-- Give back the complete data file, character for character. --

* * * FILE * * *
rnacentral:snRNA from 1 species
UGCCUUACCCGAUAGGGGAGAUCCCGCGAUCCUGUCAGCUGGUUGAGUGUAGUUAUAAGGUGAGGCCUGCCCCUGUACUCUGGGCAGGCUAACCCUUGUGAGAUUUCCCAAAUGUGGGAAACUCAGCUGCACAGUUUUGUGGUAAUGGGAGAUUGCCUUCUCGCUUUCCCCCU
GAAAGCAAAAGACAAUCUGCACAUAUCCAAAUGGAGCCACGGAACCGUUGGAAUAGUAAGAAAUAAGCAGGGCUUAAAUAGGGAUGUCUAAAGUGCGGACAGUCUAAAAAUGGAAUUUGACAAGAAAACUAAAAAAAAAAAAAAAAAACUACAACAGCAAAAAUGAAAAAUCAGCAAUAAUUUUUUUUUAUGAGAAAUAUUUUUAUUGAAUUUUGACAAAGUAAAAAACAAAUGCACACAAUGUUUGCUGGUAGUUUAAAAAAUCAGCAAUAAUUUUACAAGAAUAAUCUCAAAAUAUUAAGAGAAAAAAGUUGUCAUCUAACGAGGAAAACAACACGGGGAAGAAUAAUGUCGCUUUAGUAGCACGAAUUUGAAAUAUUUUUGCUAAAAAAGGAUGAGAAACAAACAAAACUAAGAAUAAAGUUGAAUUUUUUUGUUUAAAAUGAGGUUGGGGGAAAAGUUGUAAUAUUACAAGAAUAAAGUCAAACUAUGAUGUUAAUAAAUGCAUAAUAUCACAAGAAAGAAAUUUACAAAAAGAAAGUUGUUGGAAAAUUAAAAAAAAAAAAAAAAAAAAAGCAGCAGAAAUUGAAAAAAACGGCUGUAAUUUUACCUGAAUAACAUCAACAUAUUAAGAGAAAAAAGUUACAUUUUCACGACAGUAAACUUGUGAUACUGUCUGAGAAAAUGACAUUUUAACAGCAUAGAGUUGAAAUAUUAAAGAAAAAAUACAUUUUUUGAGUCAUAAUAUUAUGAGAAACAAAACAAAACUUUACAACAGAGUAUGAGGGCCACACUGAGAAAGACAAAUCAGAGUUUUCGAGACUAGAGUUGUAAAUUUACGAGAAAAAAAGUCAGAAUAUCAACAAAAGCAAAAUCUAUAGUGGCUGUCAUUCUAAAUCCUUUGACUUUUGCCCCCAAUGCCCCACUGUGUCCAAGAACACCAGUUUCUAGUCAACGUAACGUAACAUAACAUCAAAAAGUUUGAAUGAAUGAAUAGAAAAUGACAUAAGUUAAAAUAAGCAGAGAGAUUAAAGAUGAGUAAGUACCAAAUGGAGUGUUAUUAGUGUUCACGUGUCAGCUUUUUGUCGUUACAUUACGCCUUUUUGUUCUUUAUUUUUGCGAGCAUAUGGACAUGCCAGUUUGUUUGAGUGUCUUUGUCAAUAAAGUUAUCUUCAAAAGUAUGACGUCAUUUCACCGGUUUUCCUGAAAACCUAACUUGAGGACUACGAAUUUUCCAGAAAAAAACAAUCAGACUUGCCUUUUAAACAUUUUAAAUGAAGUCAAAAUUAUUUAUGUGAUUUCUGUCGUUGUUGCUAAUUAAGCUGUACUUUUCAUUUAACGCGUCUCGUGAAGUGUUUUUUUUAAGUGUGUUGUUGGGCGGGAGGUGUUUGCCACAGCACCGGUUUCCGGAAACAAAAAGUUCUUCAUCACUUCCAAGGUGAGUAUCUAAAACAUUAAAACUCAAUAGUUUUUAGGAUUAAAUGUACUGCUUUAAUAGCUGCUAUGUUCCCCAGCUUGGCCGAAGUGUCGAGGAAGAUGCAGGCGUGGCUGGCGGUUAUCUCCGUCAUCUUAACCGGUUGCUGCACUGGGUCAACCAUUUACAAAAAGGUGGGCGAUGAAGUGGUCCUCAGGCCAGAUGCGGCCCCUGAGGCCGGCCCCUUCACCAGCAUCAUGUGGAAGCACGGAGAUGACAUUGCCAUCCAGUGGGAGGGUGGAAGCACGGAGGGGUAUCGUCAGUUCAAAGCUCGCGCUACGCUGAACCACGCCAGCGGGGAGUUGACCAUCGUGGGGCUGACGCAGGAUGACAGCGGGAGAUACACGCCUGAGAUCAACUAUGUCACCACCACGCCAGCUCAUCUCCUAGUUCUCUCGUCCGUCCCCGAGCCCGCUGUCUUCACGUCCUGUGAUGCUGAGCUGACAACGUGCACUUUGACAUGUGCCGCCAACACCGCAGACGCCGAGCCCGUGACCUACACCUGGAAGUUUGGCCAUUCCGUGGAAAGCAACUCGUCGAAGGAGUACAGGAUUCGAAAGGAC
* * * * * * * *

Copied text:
rnacentral:snRNA from 1 species
UGCCUUACCCGAUAGGGGAGAUCCCGCGAUCCUGUCAGCUGGUUGAGUGUAGUUAUAAGGUGAGGCCUGCCCCUGUACUCUGGGCAGGCUAACCCUUGUGAGAUUUCCCAAAUGUGGGAAACUCAGCUGCACAGUUUUGUGGUAAUGGGAGAUUGCCUUCUCGCUUUCCCCCU
GAAAGCAAAAGACAAUCUGCACAUAUCCAAAUGGAGCCACGGAACCGUUGGAAUAGUAAGAAAUAAGCAGGGCUUAAAUAGGGAUGUCUAAAGUGCGGACAGUCUAAAAAUGGAAUUUGACAAGAAAACUAAAAAAAAAAAAAAAAAACUACAACAGCAAAAAUGAAAAAUCAGCAAUAAUUUUUUUUUAUGAGAAAUAUUUUUAUUGAAUUUUGACAAAGUAAAAAACAAAUGCACACAAUGUUUGCUGGUAGUUUAAAAAAUCAGCAAUAAUUUUACAAGAAUAAUCUCAAAAUAUUAAGAGAAAAAAGUUGUCAUCUAACGAGGAAAACAACACGGGGAAGAAUAAUGUCGCUUUAGUAGCACGAAUUUGAAAUAUUUUUGCUAAAAAAGGAUGAGAAACAAACAAAACUAAGAAUAAAGUUGAAUUUUUUUGUUUAAAAUGAGGUUGGGGGAAAAGUUGUAAUAUUACAAGAAUAAAGUCAAACUAUGAUGUUAAUAAAUGCAUAAUAUCACAAGAAAGAAAUUUACAAAAAGAAAGUUGUUGGAAAAUUAAAAAAAAAAAAAAAAAAAAAGCAGCAGAAAUUGAAAAAAACGGCUGUAAUUUUACCUGAAUAACAUCAACAUAUUAAGAGAAAAAAGUUACAUUUUCACGACAGUAAACUUGUGAUACUGUCUGAGAAAAUGACAUUUUAACAGCAUAGAGUUGAAAUAUUAAAGAAAAAAUACAUUUUUUGAGUCAUAAUAUUAUGAGAAACAAAACAAAACUUUACAACAGAGUAUGAGGGCCACACUGAGAAAGACAAAUCAGAGUUUUCGAGACUAGAGUUGUAAAUUUACGAGAAAAAAAGUCAGAAUAUCAACAAAAGCAAAAUCUAUAGUGGCUGUCAUUCUAAAUCCUUUGACUUUUGCCCCCAAUGCCCCACUGUGUCCAAGAACACCAGUUUCUAGUCAACGUAACGUAACAUAACAUCAAAAAGUUUGAAUGAAUGAAUAGAAAAUGACAUAAGUUAAAAUAAGCAGAGAGAUUAAAGAUGAGUAAGUACCAAAUGGAGUGUUAUUAGUGUUCACGUGUCAGCUUUUUGUCGUUACAUUACGCCUUUUUGUUCUUUAUUUUUGCGAGCAUAUGGACAUGCCAGUUUGUUUGAGUGUCUUUGUCAAUAAAGUUAUCUUCAAAAGUAUGACGUCAUUUCACCGGUUUUCCUGAAAACCUAACUUGAGGACUACGAAUUUUCCAGAAAAAAACAAUCAGACUUGCCUUUUAAACAUUUUAAAUGAAGUCAAAAUUAUUUAUGUGAUUUCUGUCGUUGUUGCUAAUUAAGCUGUACUUUUCAUUUAACGCGUCUCGUGAAGUGUUUUUUUUAAGUGUGUUGUUGGGCGGGAGGUGUUUGCCACAGCACCGGUUUCCGGAAACAAAAAGUUCUUCAUCACUUCCAAGGUGAGUAUCUAAAACAUUAAAACUCAAUAGUUUUUAGGAUUAAAUGUACUGCUUUAAUAGCUGCUAUGUUCCCCAGCUUGGCCGAAGUGUCGAGGAAGAUGCAGGCGUGGCUGGCGGUUAUCUCCGUCAUCUUAACCGGUUGCUGCACUGGGUCAACCAUUUACAAAAAGGUGGGCGAUGAAGUGGUCCUCAGGCCAGAUGCGGCCCCUGAGGCCGGCCCCUUCACCAGCAUCAUGUGGAAGCACGGAGAUGACAUUGCCAUCCAGUGGGAGGGUGGAAGCACGGAGGGGUAUCGUCAGUUCAAAGCUCGCGCUACGCUGAACCACGCCAGCGGGGAGUUGACCAUCGUGGGGCUGACGCAGGAUGACAGCGGGAGAUACACGCCUGAGAUCAACUAUGUCACCACCACGCCAGCUCAUCUCCUAGUUCUCUCGUCCGUCCCCGAGCCCGCUGUCUUCACGUCCUGUGAUGCUGAGCUGACAACGUGCACUUUGACAUGUGCCGCCAACACCGCAGACGCCGAGCCCGUGACCUACACCUGGAAGUUUGGCCAUUCCGUGGAAAGCAACUCGUCGAAGGAGUACAGGAUUCGAAAGGAC